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Ophthalmology. 1998 Aug;105(8):1459-65.

Complex limbal choristomas in linear nevus sebaceous syndrome.

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Department of Ophthalmology, University of California, San Francisco, School of Medicine 94143-0944, USA.



This study aimed to describe the clinical and histopathologic findings in four patients with complex limbal choristomas associated with linear nevus sebaceous syndrome (LNSS), a rare disorder including nevus sebaceous, seizures, and mental retardation, and often accompanied by ocular anomalies.


Small observational case series.


A retrospective review of the clinical and histopathologic records of four patients.


Each of four patients had complex limbal choristomas in the setting of clinical and histopathologic LNSS. The limbal choristomas were multiple in three patients and bilateral in two patients. Most choristomas involved the superotemporal limbus (6 of 10), although nasal (3 of 10) and inferior (1 of 10) limbal tumors also were present. Three patients had significant corneal astigmatism or involvement of the central cornea requiring surgical removal of their choristomas, one accompanied by a lamellar keratoplasty and another accompanied by two consecutive penetrating keratoplasties. Each graft eventually vascularized, reducing vision. One patient's vision was limited by amblyopia and another by occipital cortical dysgenesis with visual impairment. Histopathologic examination of the excised choristomas showed foci of lacrimal gland (3 of 4 patients), adipose tissue (3 of 4), neural tissue (1 of 4), cartilage (1 of 4), lymphoid follicles (1 of 4), skin adnexal tissue (1 of 4), and smooth muscle (1 of 4). Other associated ocular findings included an eyelid mass (1 of 4), colobomas of the eyelid (3 of 4), colobomas of the choroid and retina (2 of 4), nonparalytic strabismus (2 of 4), scleral ectasia (1 of 4), partial oculomotor palsy with ptosis and anisocoria (1 of 4), microphthalmia (1 of 4), hypertelorism (1 of 4), and cortical visual impairment (1 of 4).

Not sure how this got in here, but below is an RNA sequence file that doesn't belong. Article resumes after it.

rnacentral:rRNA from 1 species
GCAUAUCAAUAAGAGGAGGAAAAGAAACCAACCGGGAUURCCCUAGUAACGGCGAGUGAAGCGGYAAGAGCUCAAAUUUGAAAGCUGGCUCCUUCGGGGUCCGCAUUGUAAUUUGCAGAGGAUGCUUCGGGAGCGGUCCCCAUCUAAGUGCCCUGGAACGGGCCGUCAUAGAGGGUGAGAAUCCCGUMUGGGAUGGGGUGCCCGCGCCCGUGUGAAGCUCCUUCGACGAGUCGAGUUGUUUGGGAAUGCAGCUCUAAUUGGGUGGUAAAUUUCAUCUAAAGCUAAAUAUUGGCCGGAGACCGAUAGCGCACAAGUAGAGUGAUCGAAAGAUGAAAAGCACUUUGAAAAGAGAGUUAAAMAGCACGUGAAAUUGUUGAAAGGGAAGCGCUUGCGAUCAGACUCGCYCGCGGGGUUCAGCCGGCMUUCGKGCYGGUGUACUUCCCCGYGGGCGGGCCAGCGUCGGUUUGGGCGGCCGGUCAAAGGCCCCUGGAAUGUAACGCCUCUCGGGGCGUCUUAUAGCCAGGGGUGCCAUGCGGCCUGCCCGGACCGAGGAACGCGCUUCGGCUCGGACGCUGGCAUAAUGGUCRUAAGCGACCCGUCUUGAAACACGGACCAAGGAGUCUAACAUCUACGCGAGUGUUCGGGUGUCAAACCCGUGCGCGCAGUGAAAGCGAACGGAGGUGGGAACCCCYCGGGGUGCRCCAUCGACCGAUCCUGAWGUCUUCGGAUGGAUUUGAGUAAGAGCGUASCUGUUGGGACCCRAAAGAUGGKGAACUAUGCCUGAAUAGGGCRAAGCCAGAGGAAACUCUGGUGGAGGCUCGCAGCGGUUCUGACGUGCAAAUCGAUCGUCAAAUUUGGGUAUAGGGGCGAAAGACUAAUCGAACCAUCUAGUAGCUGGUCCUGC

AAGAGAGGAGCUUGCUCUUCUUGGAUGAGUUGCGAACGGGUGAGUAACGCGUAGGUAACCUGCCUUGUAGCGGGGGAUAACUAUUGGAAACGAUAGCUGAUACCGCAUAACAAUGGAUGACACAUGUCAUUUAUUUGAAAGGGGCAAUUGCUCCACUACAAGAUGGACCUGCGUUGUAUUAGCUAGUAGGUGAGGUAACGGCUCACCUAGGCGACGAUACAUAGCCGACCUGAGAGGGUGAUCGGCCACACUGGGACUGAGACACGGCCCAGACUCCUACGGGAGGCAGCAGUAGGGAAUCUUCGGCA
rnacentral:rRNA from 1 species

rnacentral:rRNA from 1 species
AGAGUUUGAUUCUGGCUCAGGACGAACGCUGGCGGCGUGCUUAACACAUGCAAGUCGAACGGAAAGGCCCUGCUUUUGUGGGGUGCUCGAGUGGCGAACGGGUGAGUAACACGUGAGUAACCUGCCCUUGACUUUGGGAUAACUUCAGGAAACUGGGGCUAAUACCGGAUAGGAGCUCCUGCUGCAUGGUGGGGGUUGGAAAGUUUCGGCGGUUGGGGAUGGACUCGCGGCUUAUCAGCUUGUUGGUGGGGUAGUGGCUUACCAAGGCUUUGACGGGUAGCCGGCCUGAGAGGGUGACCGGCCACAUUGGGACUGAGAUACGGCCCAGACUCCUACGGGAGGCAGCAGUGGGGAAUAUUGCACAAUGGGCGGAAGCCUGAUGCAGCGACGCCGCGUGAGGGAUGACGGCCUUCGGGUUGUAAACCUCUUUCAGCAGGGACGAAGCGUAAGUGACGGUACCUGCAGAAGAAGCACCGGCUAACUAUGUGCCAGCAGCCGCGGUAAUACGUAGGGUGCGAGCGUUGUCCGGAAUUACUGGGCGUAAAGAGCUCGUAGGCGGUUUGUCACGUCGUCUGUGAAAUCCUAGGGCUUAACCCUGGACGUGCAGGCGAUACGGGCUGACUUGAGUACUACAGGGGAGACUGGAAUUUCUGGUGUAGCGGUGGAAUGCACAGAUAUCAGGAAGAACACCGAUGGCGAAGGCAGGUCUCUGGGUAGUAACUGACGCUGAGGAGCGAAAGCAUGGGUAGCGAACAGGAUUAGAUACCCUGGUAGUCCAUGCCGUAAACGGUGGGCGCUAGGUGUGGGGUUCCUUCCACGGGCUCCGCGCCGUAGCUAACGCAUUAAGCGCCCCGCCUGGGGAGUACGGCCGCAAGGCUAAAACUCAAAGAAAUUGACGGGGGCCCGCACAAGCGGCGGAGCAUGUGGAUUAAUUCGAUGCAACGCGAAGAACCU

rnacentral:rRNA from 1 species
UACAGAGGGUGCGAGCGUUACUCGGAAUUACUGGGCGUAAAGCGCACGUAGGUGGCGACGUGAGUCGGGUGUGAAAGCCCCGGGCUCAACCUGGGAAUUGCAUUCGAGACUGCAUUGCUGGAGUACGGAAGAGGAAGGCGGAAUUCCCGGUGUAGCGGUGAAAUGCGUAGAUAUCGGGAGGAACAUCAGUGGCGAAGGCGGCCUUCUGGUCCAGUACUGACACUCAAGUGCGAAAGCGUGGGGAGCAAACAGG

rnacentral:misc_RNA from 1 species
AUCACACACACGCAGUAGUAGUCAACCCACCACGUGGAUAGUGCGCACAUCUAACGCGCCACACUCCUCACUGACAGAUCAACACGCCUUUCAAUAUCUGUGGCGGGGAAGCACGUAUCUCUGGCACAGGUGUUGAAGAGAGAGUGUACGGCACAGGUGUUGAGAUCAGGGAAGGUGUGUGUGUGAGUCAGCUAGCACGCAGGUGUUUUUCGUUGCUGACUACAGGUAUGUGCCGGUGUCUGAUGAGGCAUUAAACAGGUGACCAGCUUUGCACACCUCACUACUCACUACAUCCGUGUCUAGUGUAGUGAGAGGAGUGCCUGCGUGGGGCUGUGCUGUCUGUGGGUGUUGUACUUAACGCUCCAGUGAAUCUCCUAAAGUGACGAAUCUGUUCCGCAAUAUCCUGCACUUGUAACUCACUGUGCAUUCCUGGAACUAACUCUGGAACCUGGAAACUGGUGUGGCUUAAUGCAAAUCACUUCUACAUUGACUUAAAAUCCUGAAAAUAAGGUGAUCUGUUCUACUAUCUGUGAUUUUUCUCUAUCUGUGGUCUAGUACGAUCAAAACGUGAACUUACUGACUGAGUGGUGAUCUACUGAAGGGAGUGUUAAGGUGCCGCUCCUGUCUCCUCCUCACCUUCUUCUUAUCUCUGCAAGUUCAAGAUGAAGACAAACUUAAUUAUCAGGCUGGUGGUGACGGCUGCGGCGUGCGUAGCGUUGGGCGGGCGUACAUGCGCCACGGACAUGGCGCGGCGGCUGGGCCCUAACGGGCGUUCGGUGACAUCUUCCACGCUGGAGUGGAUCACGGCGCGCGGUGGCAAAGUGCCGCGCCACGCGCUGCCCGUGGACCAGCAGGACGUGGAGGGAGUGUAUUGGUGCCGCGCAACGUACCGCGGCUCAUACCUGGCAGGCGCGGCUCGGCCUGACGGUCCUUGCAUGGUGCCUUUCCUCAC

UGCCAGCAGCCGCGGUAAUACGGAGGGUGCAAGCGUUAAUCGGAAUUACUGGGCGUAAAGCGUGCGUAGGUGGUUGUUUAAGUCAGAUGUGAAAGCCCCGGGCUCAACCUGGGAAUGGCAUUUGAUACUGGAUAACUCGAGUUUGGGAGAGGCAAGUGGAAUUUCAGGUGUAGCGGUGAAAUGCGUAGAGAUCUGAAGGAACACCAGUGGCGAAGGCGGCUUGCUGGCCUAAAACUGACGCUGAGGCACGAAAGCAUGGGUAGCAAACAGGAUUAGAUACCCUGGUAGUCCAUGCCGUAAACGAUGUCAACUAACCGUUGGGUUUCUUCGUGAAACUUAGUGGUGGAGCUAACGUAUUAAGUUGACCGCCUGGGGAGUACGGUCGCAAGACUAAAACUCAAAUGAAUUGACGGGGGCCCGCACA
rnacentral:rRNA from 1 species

Complex limbal choristomas, although rare, can occur in the setting of LNSS and can be associated with multiple ocular and systemic abnormalities. Visual prognosis appears poor in most cases despite aggressive management.

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